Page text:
Eventbrite: Just the ticket for smaller eventsApril 16, 2013: 9:21 AM ET
Meet Kevin and Julia Hartz. The husband-wife team run the biggest ticketing service this side of Ticketmaster.
FORTUNE -- When Julia Steen parked in a church pew next to Kevin Hartz at a Santa Barbara wedding in 2003, Hartz decided he just had to talk to the fetching, young blonde.
"She was a mature 23-year-old, and I was an immature 33-year-old," Kevin says dryly.
"I was a hot mess," Julia disputes. "I didn't even have the thing I was supposed to be reading for the wedding."
During the reception, he stole a tray of cocktails, and sauntered over to impress Julia, an MTV executive at the time, who was talking to her coworkers. "I remember thinking, 'This guy has cajones!'" she recalls.
It's fair to say they both do. Ten years, one marriage in, and two daughters later, the Hartzs now run Eventbrite, the biggest ticketing company this side of Ticketmaster. Kevin serves as CEO; Julia as President. With the help of 229 employees, they have sold over 100 million tickets in 179 countries to events like South by Southwest after-parties and Bay Area marathons. (Eventbrite profits by charging a small fee for each ticket purchase.)
Last month, the San Francisco startup crossed $1.5 billion in ticket sales, and sales are accelerating: One-third of its total ticket sales were processed over the last nine months alone. Backers like Sequoia Capital, Tiger Global Management, Khosla Ventures partner Keith Rabois, and Ron Conway have chipped in a reported $80 million to date.
When we think of Silicon Valley successes, we often view them as an overnight phenomenon, the result of a lot of luck. Neither was the case for Eventbrite. For Kevin, it was his third startup; his first, an Internet service manager for hotel chains, got acquired for $10 million just 10 months after it launched. And as a former angel investor, his bets include some smart choices: PayPal, Pinterest, and Airbnb, to name a few. Meanwhile, Julia cut her teeth in Hollywood for several years, managing shows like FX's The Shield, Nip/Tuck, and yes, MTV's Jackass.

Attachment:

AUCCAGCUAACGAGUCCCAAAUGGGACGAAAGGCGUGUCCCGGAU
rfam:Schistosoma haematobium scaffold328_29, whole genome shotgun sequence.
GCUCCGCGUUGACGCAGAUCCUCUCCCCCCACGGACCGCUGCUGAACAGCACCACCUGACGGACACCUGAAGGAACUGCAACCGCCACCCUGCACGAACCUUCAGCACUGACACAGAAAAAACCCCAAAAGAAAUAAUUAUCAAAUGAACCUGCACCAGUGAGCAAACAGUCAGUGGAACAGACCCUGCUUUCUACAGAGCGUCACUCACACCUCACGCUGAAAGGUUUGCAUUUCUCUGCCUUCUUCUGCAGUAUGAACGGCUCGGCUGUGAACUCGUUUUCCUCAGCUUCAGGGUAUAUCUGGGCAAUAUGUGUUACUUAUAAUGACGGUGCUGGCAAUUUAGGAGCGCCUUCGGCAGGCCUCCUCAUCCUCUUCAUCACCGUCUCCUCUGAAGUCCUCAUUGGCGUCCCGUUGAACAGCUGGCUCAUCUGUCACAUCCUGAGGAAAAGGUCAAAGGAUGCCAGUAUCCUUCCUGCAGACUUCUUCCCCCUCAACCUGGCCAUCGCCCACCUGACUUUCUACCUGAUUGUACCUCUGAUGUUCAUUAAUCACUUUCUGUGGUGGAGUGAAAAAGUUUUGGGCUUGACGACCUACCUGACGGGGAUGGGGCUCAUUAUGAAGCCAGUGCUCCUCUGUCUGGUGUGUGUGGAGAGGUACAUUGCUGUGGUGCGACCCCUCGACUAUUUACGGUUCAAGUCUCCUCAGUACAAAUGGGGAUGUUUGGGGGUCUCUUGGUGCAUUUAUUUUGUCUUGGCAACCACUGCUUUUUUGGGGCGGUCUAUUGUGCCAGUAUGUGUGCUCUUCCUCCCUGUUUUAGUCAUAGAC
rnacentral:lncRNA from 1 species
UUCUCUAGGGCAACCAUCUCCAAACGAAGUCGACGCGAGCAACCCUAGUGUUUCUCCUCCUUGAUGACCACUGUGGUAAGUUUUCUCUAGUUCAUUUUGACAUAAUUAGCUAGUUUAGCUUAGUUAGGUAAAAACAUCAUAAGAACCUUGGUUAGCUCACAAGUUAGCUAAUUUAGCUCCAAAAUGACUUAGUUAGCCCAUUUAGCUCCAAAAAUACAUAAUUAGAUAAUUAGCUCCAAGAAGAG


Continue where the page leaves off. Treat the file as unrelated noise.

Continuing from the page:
So when Kevin dreamed up the idea that event ticketing could and should be done better online, it wasn't luck. Before Eventbrite, an easy, widely-accepted online ticketing solution for individuals and smaller organizations didn't exist. Tickemaster catered to the big names, not the startup that wanted to hold an office-warming or the mother who wanted to throw a baptism party. Eventbrite provides that.
"It's a marketplace that truly democratizes event management and marketing, giving every organizer the tools to sell tickets and reach audiences that until recently were only available to the largest venues and organizations," explains Sean Moriarty, an Eventbrite board member and ex-Ticketmaster CEO.
"Kevin has always consistently been ahead of his time, spotting things before they're cool," agrees Rabois. "Most of these people hosting long-term events needed a higher-quality product for ticketing for payments."
Indeed, via daily emails to Rabois, Kevin convinced his friend to invest $50,000 in a little-known startup called Pinterest during its early days.
Now, the Hartzs want to expand Eventbrite's end-to-end experience and do so internationally, such that users use it for every step of the ticketing process, from event discovery on their mobile devices and desktops, to getting through the door to the event of their choosing. Last year, they launched "At the door," a credit card reader that turns iPads into ticketing terminals, giving indie event promoters another way to take payments.
Given Eventbrite's push, it seems inevitable the company, a veritable David, should take on its Goliath -- Ticketmaster -- but Kevin is in no rush. "People ask us all the time, 'Why aren't you going after them?' That's a very competitive, vicious ticketing space, and we'll get there in due time. But these markets are so much more ... attractive."